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What Americans Think When They Hear Common English Mistakes

This guest post was originally written for our Russian sister blog, Альма-матер. The writer is an American student, Matthew Kupfer (who's also currently a VOA intern!). He talks about some common mistakes made by Russian speakers when they're learning English - and explains what Americans hear when they hear those mistakes:

I’ve spent a few months studying in St. Petersburg, Russia and volunteering in Bishkek, Kyrgyzstan, where I met many Russian-speaking students of the English language. Although I can’t claim to be an expert or linguist of Russian or English, I have noticed a large number of common mistakes made by people from countries of the former USSR speaking English, many of which will put a smile on the face of any American.

I strongly understand the problems and difficulties of learning a foreign language because I have studied the Russian language for three years. So, I have created a short list of four common mistakes for those who want to improve their English.

Incorrect: I feel myself bad.
Correct: I feel bad.

This is probably the most common mistake made by Russian-speakers, who literally translate the phrase “Я чувствую себя плохо” (I feel myself bad) into English. However, using the word “myself” in this context suggests you are physically touching your own body and determining from this how you feel. Of course, English-speakers understand what you mean, but this mistake still sounds funny.

To correctly use this phrase, Russian-speakers should try to remember that the English way of saying how one feels resembles an ungrammatical version of the Russian phrase: “Я чувствую плохо” (literally, “I feel bad”).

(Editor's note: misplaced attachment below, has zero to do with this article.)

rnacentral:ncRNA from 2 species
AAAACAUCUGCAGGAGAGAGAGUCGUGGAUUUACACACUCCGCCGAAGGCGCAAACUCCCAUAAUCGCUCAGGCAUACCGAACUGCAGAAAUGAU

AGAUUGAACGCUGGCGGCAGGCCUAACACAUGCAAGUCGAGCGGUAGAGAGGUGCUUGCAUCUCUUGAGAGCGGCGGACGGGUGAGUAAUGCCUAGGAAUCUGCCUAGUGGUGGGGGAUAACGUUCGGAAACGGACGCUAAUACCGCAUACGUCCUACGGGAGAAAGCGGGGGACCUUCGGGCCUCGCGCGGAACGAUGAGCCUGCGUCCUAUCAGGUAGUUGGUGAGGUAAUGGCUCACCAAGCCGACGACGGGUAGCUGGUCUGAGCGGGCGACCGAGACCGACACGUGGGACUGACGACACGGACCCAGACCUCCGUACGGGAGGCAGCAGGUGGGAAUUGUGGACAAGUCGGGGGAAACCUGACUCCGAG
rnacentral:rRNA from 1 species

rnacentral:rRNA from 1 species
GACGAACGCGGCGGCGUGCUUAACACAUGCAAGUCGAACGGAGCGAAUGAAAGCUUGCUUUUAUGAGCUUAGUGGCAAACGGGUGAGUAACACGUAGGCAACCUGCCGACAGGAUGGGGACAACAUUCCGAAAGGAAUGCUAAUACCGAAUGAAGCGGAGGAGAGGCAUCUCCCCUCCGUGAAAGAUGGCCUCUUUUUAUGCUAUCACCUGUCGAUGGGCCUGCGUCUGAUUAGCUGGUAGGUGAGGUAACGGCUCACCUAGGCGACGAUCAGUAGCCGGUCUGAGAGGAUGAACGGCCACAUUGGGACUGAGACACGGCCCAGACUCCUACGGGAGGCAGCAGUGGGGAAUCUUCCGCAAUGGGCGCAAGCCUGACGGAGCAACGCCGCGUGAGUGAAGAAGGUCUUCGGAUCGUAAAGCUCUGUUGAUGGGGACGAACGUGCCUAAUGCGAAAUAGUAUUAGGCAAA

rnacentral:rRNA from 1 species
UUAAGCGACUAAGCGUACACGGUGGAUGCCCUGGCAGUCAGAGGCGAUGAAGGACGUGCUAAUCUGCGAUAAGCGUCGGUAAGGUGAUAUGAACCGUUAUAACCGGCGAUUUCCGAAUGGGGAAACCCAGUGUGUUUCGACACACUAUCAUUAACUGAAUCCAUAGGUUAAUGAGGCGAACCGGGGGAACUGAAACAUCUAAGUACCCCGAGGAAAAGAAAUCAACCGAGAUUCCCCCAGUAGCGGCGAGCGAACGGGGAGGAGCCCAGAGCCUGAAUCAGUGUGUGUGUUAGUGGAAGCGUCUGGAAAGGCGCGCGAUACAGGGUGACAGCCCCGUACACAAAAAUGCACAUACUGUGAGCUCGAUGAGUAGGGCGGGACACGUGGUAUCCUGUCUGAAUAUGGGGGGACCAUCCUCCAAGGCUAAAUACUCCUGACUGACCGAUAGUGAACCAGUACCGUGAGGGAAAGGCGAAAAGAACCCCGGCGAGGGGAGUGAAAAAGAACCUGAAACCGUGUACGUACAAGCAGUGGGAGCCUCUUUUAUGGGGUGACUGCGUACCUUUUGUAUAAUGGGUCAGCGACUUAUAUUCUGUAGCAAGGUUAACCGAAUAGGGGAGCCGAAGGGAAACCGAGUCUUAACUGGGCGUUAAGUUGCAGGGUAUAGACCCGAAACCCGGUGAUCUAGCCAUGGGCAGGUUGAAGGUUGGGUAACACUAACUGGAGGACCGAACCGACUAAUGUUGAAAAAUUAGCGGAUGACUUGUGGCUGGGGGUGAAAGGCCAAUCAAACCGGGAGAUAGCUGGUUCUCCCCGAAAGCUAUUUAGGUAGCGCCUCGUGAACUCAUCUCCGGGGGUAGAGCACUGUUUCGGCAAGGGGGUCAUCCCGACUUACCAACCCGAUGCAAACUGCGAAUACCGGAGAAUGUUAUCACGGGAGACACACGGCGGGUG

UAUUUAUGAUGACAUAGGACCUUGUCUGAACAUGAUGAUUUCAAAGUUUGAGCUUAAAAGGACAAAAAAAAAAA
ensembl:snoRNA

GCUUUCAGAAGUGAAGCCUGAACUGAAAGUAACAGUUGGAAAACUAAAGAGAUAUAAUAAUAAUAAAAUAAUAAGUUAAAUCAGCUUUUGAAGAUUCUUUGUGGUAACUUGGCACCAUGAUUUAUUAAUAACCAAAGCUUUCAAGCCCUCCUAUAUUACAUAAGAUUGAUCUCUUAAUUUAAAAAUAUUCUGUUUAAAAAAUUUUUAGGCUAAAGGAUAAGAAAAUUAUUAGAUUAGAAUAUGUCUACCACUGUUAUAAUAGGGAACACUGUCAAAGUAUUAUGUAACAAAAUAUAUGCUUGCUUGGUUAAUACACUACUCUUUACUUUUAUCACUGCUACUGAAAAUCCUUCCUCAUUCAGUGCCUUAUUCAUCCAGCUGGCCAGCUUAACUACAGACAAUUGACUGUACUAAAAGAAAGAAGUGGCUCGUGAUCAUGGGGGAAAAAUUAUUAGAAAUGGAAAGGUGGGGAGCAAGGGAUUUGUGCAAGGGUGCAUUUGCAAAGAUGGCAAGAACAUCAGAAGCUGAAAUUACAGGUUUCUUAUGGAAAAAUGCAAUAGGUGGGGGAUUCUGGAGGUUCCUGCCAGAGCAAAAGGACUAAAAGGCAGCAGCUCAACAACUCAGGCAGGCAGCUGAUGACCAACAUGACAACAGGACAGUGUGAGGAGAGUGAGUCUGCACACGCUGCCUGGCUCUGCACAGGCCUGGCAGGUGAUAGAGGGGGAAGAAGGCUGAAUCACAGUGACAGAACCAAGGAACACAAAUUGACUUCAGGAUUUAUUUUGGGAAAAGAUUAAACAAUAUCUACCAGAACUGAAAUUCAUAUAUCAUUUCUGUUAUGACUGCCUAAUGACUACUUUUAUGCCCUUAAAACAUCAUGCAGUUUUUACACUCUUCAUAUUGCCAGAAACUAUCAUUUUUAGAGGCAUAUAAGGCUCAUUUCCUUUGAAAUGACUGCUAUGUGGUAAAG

Incorrect: -How did the picture turn out? –Normal!
Correct: -How did the picture turn out? –Good!

Imagine yourself in this situation: you ask your American friend to photograph you, and, when he asks how the photograph turned out, you—like a good Russian-speaker—answer “normal!” But American English-speakers and Russian-speakers use the word “normal” differently: for Russian-speakers, “normal” means “without a problem,” “satisfactory,” and even “good.” However, in English such an answer suggests mediocrity. When we—Americans—hear that the photograph turned out “normal,” we think that it should be better. Therefore, in these situations, it’s better to say “good” than “normal.”

Incorrect: The woman fell in love in the man.
Correct: The woman fell in love with the man.

This is probably the strangest mistake made by Russians, and it may even seem inappropriate to English-speakers.

In the phrase “The woman fell in love in the man,” the preposition “in” suggests a geographic location where the act of falling in love takes place. For example, we can also say “The woman fell in love in the park.”

However, the correct phrase would be “The woman fell in love with the man. In this case, the word with shows the object of the woman’s love.

To correctly express this idea, remember that in English we say that someone falls in love “with someone,” not “in” or “into someone” (as is said in Russian).

Incorrect: How do you call it?
Correct: What do you call it?

This mistake is commonly made by Russians literally translating the phrase “Как это назвать?” (How do you call it/How is it called) from their language to English. However, this mistake is very common among speakers of other languages too, and Americans who hear this phrase can immediately recognize that the person standing before them is a foreigner.

An American with a sense of humor might answer: “Open your mouth, move your tongue, and simultaneously pronounce the word.” The reason for this is that in English, the word “how” suggests the physical process of carrying out the action, whereas “what” suggests that the name of the object (in this case “it”).

Luckily, correcting this mistake is not hard—just learn to say “What is it called?” in the place of “How is it called?”

Thanks to Matthew for taking the time to share his advice - and to translate it from Russian to English so we could share it with you.

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